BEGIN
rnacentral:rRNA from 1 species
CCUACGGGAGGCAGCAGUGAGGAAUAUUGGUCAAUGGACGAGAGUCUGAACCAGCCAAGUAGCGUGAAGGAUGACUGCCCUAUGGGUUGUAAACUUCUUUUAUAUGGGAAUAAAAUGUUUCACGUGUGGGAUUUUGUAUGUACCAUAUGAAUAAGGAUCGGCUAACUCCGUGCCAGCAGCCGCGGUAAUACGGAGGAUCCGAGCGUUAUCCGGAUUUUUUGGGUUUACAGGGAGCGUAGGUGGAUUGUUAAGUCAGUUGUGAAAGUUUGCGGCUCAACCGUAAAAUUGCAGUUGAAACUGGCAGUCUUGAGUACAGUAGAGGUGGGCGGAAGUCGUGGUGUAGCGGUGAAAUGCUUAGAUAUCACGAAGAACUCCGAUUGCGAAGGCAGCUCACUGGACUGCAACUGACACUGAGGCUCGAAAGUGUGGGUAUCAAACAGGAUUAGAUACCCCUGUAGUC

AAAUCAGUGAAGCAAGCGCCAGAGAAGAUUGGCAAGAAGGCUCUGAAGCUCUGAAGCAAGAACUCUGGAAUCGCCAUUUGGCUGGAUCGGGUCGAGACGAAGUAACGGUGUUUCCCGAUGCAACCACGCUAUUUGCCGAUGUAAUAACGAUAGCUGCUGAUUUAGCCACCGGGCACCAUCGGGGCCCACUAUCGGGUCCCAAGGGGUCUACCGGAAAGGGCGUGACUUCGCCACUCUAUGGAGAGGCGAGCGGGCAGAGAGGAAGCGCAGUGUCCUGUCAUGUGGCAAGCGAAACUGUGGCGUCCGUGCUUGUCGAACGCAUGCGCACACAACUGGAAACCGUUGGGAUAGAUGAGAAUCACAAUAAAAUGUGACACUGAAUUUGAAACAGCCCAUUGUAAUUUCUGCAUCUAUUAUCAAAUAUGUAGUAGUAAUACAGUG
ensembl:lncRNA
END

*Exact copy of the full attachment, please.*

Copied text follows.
rnacentral:rRNA from 1 species
CCUACGGGAGGCAGCAGUGAGGAAUAUUGGUCAAUGGACGAGAGUCUGAACCAGCCAAGUAGCGUGAAGGAUGACUGCCCUAUGGGUUGUAAACUUCUUUUAUAUGGGAAUAAAAUGUUUCACGUGUGGGAUUUUGUAUGUACCAUAUGAAUAAGGAUCGGCUAACUCCGUGCCAGCAGCCGCGGUAAUACGGAGGAUCCGAGCGUUAUCCGGAUUUUUUGGGUUUACAGGGAGCGUAGGUGGAUUGUUAAGUCAGUUGUGAAAGUUUGCGGCUCAACCGUAAAAUUGCAGUUGAAACUGGCAGUCUUGAGUACAGUAGAGGUGGGCGGAAGUCGUGGUGUAGCGGUGAAAUGCUUAGAUAUCACGAAGAACUCCGAUUGCGAAGGCAGCUCACUGGACUGCAACUGACACUGAGGCUCGAAAGUGUGGGUAUCAAACAGGAUUAGAUACCCCUGUAGUC

AAAUCAGUGAAGCAAGCGCCAGAGAAGAUUGGCAAGAAGGCUCUGAAGCUCUGAAGCAAGAACUCUGGAAUCGCCAUUUGGCUGGAUCGGGUCGAGACGAAGUAACGGUGUUUCCCGAUGCAACCACGCUAUUUGCCGAUGUAAUAACGAUAGCUGCUGAUUUAGCCACCGGGCACCAUCGGGGCCCACUAUCGGGUCCCAAGGGGUCUACCGGAAAGGGCGUGACUUCGCCACUCUAUGGAGAGGCGAGCGGGCAGAGAGGAAGCGCAGUGUCCUGUCAUGUGGCAAGCGAAACUGUGGCGUCCGUGCUUGUCGAACGCAUGCGCACACAACUGGAAACCGUUGGGAUAGAUGAGAAUCACAAUAAAAUGUGACACUGAAUUUGAAACAGCCCAUUGUAAUUUCUGCAUCUAUUAUCAAAUAUGUAGUAGUAAUACAGUG
ensembl:lncRNA